Flag Pin Patriotism

25 10 2007

After hearing that Obama was criticized a few weeks ago for not wearing the flag pin anymore and seeing that bit of information being treated as newsworthy fodder for pudits and reporters alike, I thought the mainstream media must be really bored to spend time on this.  But then I began to pay attention to this dishonest discussion about patriotism take place and watched people act as if they were really taking the whole charade seriously.

Perhaps, I am alone on this, but I thought Obama response was a good one because it shifted the focus away from the mini-smear campaign right wingers such as Sean Hannity were waging against Obama to criticizing those who wrap themselves in the flag only to violate the U.S. Constitution in how they govern or craft policy. 

You know, the truth is that right after 9/11, I had a pin. Shortly after 9/11, particularly because as we’re talking about the Iraq war, that became a substitute for, I think, true patriotism, which is speaking out on issues that are of importance to our national security, I decided I won’t wear that pin on my chest; instead I’m gonna try to tell the American people what I believe will make this country great, and hopefully that will be a testimony to my patriotism.

But apparently that answer did not satisfy critics such as Stanley Renshon who said in the Politico yestersday,

Certainly dissent is important, and it’s both the right and the privilege of all Americans. However, equating it with true patriotism is like comparing dating with a good marriage.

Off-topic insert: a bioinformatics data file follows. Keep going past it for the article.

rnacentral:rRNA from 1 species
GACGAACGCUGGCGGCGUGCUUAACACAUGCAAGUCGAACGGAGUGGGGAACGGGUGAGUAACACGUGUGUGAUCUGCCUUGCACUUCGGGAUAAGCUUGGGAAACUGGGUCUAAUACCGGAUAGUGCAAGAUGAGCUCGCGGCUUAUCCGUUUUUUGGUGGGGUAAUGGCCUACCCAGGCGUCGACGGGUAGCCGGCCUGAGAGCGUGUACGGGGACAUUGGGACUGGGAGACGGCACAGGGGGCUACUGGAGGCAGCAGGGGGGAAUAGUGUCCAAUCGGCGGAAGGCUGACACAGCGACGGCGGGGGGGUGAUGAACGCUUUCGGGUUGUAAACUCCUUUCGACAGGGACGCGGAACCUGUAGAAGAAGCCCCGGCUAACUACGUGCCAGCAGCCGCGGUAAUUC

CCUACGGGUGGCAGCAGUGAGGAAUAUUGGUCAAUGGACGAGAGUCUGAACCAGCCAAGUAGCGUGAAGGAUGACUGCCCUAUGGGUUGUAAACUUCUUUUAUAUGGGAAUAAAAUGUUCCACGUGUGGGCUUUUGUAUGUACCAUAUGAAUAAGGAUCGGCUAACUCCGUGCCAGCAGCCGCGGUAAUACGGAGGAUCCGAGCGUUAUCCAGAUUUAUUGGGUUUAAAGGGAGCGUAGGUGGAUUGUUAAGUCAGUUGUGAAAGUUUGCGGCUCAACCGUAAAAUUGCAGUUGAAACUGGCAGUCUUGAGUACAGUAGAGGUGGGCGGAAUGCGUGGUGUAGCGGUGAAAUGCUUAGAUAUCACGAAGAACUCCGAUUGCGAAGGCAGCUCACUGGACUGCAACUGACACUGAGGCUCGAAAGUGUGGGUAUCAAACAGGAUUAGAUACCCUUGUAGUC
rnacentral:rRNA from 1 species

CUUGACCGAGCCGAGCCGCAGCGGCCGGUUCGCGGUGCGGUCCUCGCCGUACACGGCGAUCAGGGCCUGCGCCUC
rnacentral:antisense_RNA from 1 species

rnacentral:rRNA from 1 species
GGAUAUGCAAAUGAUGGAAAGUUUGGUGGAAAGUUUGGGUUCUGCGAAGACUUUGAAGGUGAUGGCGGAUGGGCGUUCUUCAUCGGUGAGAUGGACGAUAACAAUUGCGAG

That’s assesment is unfair and fails to acknowledge how the post-9/11 America became infused with extremist rhetoric that led to disatrous polices. 

Consider the following. Immediately after 9/11 right-wingers such as the late Jerry Falwell said,  

I really believe that the pagans, and the abortionists, and the feminists, and the gays and the lesbians who are actively trying to make that an alternative lifestyle, the ACLU….I point the finger in their face and say ‘you helped this happen’.

And as late as fall of 2006 Rep. Dennis Hastert and others, attributed Democratic opposition to legalizing the President’s unlawful wiretapping to wanting to “coddle terrorists.” And since 9/11, the Bush administration has held suspects indefinitely without charge, tortured people, and of course unsuccessfully prosecuted an unnecessary war.

Now to be fair to Renshon larger criticism was that Obama was conflating the demonstration of solidarity in wearing the pin after 9/11 with the hyper-patriotism of the right wing or even initial support for foreign adventures.  Patriotism, Renshon argued, can be the glue that binds people together for the sake of community service or overcome “identity politics.” And perhaps that true. 

But thats not how it has been recasted in this current environment, and to forget that is to be either blind or purposefully forgetful.  Patriotism and loyalty whether Renshon admits it or not were defined by the right in very stark terms.  It was either you are with us or you are against us. Or as Ashcroft warned the American public, criticism of administration policies would only provide aid and comfort to the enemy.

So while some might want to dismiss Obama’s justification for not wearing the flag pin the way he did as just some ill-considered platitude, he still has a point. Somehow that got lost in the translation.

Bill Maher of course had a much more witter take on the faux controversy.

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13 07 2011
Republicans and their Pledges of Malfeasance « The Liberal Mob

[…] Republicans these “pledges” are the new flag-pin-on-the-lapel badge of Patriotism. If you don’t wear it or sign it, it must mean you aren’t a true American. And I guess […]

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